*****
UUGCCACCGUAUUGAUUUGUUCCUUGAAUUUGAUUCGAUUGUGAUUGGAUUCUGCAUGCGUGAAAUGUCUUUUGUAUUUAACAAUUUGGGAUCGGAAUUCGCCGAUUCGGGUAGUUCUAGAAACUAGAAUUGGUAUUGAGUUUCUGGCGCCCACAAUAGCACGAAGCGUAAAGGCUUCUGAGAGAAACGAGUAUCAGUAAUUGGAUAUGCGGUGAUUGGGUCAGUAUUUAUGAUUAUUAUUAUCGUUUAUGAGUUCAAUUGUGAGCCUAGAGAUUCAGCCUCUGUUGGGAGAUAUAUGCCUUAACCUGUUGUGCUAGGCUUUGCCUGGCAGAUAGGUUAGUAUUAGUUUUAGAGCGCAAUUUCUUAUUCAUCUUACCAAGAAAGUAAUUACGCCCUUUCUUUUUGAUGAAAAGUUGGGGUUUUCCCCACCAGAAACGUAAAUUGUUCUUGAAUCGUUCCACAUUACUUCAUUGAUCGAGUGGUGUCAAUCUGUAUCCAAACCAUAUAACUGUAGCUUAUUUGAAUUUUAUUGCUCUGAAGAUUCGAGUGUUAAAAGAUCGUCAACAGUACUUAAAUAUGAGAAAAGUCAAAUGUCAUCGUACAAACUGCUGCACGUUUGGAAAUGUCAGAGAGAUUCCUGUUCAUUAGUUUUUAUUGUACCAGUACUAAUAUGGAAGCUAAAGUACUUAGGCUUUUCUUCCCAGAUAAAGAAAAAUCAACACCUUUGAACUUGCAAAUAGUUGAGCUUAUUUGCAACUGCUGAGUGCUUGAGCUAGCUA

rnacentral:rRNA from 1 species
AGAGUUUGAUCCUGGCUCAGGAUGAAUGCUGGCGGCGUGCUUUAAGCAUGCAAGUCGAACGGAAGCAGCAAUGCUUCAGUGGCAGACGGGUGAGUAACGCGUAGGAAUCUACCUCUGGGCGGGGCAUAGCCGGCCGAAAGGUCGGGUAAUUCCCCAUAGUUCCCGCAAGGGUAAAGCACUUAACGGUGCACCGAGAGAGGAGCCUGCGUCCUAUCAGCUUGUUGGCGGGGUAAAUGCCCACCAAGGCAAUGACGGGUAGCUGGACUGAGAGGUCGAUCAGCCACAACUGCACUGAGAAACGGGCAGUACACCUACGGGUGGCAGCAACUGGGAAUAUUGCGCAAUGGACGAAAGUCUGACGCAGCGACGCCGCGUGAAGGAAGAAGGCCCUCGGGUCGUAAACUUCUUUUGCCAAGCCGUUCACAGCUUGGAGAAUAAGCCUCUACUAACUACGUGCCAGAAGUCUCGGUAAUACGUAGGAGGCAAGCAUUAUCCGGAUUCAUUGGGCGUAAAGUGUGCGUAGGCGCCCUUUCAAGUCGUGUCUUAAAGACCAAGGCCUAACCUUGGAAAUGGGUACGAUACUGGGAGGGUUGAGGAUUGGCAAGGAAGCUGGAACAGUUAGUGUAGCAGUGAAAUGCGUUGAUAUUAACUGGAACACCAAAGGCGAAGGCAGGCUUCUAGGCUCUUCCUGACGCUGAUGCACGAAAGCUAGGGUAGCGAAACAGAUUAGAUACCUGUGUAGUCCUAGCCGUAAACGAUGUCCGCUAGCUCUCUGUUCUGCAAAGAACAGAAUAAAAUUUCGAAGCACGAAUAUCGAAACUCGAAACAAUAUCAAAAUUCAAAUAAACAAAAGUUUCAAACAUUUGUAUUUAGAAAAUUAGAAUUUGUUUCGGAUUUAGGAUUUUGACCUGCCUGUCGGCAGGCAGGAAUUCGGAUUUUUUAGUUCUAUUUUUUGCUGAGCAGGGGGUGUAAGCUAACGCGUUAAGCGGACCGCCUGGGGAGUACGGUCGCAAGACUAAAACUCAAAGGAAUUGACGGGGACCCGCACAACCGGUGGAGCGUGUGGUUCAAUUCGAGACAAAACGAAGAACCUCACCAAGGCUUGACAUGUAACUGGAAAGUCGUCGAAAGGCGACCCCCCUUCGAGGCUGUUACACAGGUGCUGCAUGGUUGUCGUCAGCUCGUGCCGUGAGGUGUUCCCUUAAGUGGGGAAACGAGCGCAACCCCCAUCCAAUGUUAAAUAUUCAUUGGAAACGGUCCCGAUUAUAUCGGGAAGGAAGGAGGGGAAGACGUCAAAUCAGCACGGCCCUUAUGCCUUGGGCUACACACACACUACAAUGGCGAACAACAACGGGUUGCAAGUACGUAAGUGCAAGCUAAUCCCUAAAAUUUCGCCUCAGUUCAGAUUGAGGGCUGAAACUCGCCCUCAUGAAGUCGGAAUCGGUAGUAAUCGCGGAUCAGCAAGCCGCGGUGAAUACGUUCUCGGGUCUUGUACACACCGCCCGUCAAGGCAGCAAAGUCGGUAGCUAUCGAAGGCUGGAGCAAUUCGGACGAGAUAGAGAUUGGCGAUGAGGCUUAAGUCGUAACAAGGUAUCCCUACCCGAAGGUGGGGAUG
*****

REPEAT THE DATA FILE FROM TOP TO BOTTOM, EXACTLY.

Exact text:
UUGCCACCGUAUUGAUUUGUUCCUUGAAUUUGAUUCGAUUGUGAUUGGAUUCUGCAUGCGUGAAAUGUCUUUUGUAUUUAACAAUUUGGGAUCGGAAUUCGCCGAUUCGGGUAGUUCUAGAAACUAGAAUUGGUAUUGAGUUUCUGGCGCCCACAAUAGCACGAAGCGUAAAGGCUUCUGAGAGAAACGAGUAUCAGUAAUUGGAUAUGCGGUGAUUGGGUCAGUAUUUAUGAUUAUUAUUAUCGUUUAUGAGUUCAAUUGUGAGCCUAGAGAUUCAGCCUCUGUUGGGAGAUAUAUGCCUUAACCUGUUGUGCUAGGCUUUGCCUGGCAGAUAGGUUAGUAUUAGUUUUAGAGCGCAAUUUCUUAUUCAUCUUACCAAGAAAGUAAUUACGCCCUUUCUUUUUGAUGAAAAGUUGGGGUUUUCCCCACCAGAAACGUAAAUUGUUCUUGAAUCGUUCCACAUUACUUCAUUGAUCGAGUGGUGUCAAUCUGUAUCCAAACCAUAUAACUGUAGCUUAUUUGAAUUUUAUUGCUCUGAAGAUUCGAGUGUUAAAAGAUCGUCAACAGUACUUAAAUAUGAGAAAAGUCAAAUGUCAUCGUACAAACUGCUGCACGUUUGGAAAUGUCAGAGAGAUUCCUGUUCAUUAGUUUUUAUUGUACCAGUACUAAUAUGGAAGCUAAAGUACUUAGGCUUUUCUUCCCAGAUAAAGAAAAAUCAACACCUUUGAACUUGCAAAUAGUUGAGCUUAUUUGCAACUGCUGAGUGCUUGAGCUAGCUA

rnacentral:rRNA from 1 species
AGAGUUUGAUCCUGGCUCAGGAUGAAUGCUGGCGGCGUGCUUUAAGCAUGCAAGUCGAACGGAAGCAGCAAUGCUUCAGUGGCAGACGGGUGAGUAACGCGUAGGAAUCUACCUCUGGGCGGGGCAUAGCCGGCCGAAAGGUCGGGUAAUUCCCCAUAGUUCCCGCAAGGGUAAAGCACUUAACGGUGCACCGAGAGAGGAGCCUGCGUCCUAUCAGCUUGUUGGCGGGGUAAAUGCCCACCAAGGCAAUGACGGGUAGCUGGACUGAGAGGUCGAUCAGCCACAACUGCACUGAGAAACGGGCAGUACACCUACGGGUGGCAGCAACUGGGAAUAUUGCGCAAUGGACGAAAGUCUGACGCAGCGACGCCGCGUGAAGGAAGAAGGCCCUCGGGUCGUAAACUUCUUUUGCCAAGCCGUUCACAGCUUGGAGAAUAAGCCUCUACUAACUACGUGCCAGAAGUCUCGGUAAUACGUAGGAGGCAAGCAUUAUCCGGAUUCAUUGGGCGUAAAGUGUGCGUAGGCGCCCUUUCAAGUCGUGUCUUAAAGACCAAGGCCUAACCUUGGAAAUGGGUACGAUACUGGGAGGGUUGAGGAUUGGCAAGGAAGCUGGAACAGUUAGUGUAGCAGUGAAAUGCGUUGAUAUUAACUGGAACACCAAAGGCGAAGGCAGGCUUCUAGGCUCUUCCUGACGCUGAUGCACGAAAGCUAGGGUAGCGAAACAGAUUAGAUACCUGUGUAGUCCUAGCCGUAAACGAUGUCCGCUAGCUCUCUGUUCUGCAAAGAACAGAAUAAAAUUUCGAAGCACGAAUAUCGAAACUCGAAACAAUAUCAAAAUUCAAAUAAACAAAAGUUUCAAACAUUUGUAUUUAGAAAAUUAGAAUUUGUUUCGGAUUUAGGAUUUUGACCUGCCUGUCGGCAGGCAGGAAUUCGGAUUUUUUAGUUCUAUUUUUUGCUGAGCAGGGGGUGUAAGCUAACGCGUUAAGCGGACCGCCUGGGGAGUACGGUCGCAAGACUAAAACUCAAAGGAAUUGACGGGGACCCGCACAACCGGUGGAGCGUGUGGUUCAAUUCGAGACAAAACGAAGAACCUCACCAAGGCUUGACAUGUAACUGGAAAGUCGUCGAAAGGCGACCCCCCUUCGAGGCUGUUACACAGGUGCUGCAUGGUUGUCGUCAGCUCGUGCCGUGAGGUGUUCCCUUAAGUGGGGAAACGAGCGCAACCCCCAUCCAAUGUUAAAUAUUCAUUGGAAACGGUCCCGAUUAUAUCGGGAAGGAAGGAGGGGAAGACGUCAAAUCAGCACGGCCCUUAUGCCUUGGGCUACACACACACUACAAUGGCGAACAACAACGGGUUGCAAGUACGUAAGUGCAAGCUAAUCCCUAAAAUUUCGCCUCAGUUCAGAUUGAGGGCUGAAACUCGCCCUCAUGAAGUCGGAAUCGGUAGUAAUCGCGGAUCAGCAAGCCGCGGUGAAUACGUUCUCGGGUCUUGUACACACCGCCCGUCAAGGCAGCAAAGUCGGUAGCUAUCGAAGGCUGGAGCAAUUCGGACGAGAUAGAGAUUGGCGAUGAGGCUUAAGUCGUAACAAGGUAUCCCUACCCGAAGGUGGGGAUG